It is sometimes said that people who like laws and sausages shouldn’t watch either being made.  If that’s true, I suppose an argument could be made that GOP leaders were doing us a favor by spending the bulk of the day Tuesday in behind-closed-doors budget negotiations, before resuming the Finance Committee deliberations long after most Wisconsinites had gone to bed.  (Before I elaborate, I hope that any producers of quality sausages will forgive me for the comparison to lawmaking.)

The back-room negotiations Tuesday and in the preceding days weren’t simply about the major unfinished areas of the budget, such as K-12 education issues and tax policy.  As is all-too-frequently the case, the majority party also put together an omnibus catch-all motion that takes items from the wish lists of many legislators.

This sort of motion significantly reduces transparency in the budget process, especially since these measures often appear out of nowhere in the last hour of the Finance Committee’s work, and sometimes receive little public or legislative scrutiny over the remainder of the budget process.  And in some cases we don’t even learn who submitted these items for inclusion in the broad, catch-all motion.  In addition, many of them are non-fiscal policy items that have gotten little or no debate and have no business being in a budget bill.

To some extent this wrap-up motion, which has become a regular Christmas tree tradition at the end of the Finance Committee’s deliberations, serves as a way to get recalcitrant legislators on board the budget and to minimize the possibility that the majority party needs to allow passage of any amendments later in the process.  However, the wrap-up motion also appears to be used by legislative leaders as an easy way to make non-fiscal policy changes that are on their own legislative agendas, without the bother of introducing and passing separate legislation.

In the wee hours of Wednesday morning, JFC members received a 12-page “budget modification” motion, with 37 different items.  It was approved a little before 6:00 a.m., apparently with little debate among the exhausted committee members.  By that point the package had grown to 40 items after Democrats tacked on three relatively trivial measures of their own (such as making kringle the official state pastry), before voting against the motion.  As is typically the case, the motion was approved on a party-line, 12-4 vote.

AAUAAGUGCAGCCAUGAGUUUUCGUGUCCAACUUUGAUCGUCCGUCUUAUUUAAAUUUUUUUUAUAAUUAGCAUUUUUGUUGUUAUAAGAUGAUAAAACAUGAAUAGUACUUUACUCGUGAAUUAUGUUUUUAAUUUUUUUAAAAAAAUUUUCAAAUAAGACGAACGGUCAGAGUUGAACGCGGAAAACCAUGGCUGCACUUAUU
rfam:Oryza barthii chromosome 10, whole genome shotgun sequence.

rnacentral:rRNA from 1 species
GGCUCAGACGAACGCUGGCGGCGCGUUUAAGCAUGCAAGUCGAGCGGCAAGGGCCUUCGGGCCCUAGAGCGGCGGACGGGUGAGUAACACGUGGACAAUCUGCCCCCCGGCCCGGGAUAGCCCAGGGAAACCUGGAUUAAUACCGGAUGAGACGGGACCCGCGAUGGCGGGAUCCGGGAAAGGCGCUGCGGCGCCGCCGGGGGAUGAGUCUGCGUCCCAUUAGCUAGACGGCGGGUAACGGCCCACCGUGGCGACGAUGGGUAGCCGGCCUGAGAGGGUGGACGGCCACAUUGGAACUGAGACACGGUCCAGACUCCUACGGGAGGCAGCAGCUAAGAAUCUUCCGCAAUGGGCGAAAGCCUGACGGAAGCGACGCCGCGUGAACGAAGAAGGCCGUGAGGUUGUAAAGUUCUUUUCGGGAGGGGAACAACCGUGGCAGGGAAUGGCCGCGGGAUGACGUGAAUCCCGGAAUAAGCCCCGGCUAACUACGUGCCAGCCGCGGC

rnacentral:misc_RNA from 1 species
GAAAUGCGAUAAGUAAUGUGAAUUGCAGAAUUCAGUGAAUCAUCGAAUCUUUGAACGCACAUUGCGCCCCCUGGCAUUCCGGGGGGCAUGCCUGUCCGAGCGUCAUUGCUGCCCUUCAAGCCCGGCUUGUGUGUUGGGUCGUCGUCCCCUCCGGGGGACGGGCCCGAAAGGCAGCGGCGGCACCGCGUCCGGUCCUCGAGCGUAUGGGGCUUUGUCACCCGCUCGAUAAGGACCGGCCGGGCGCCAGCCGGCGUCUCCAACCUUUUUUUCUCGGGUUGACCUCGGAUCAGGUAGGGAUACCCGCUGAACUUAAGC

In a WCCF blog post today I summarize many of the non-fiscal policy measures that were added by the wrap-up motion.  It’s a very diverse list of legislative proposals.  I think only a couple of them had even been floated prior to Wednesday, such as the very controversial proposal for authorizing bail bond agents, which has been widely criticized by criminal justice experts.  Many of the others came out of the blue, such as requiring UW to sever ties with the Center for Investigative Journalism, establishing a much shorter period for a payday loan to be overdue before it is considered to be in default, making retroactive changes in product liability laws to restrict litigation, defining the location of the former Lake Michigan shoreline in Milwaukee, and removing a restriction on when cable companies can disconnect service.

When the bill gets to the floor of the legislature, there will be lots of complaints from Democrats about some of the non-fiscal policy measures, citing both substantive concerns and the procedural ones I raised here.  However, they don’t have the moral authority to argue persuasively about the procedural concerns because both parties have been guilty of this practice over many sessions.  That’s one of the reasons why members of the public have to demand an end to this misuse of the budget process, because we’re the ones who get left out and who will have to raise our voices collectively to make reforms.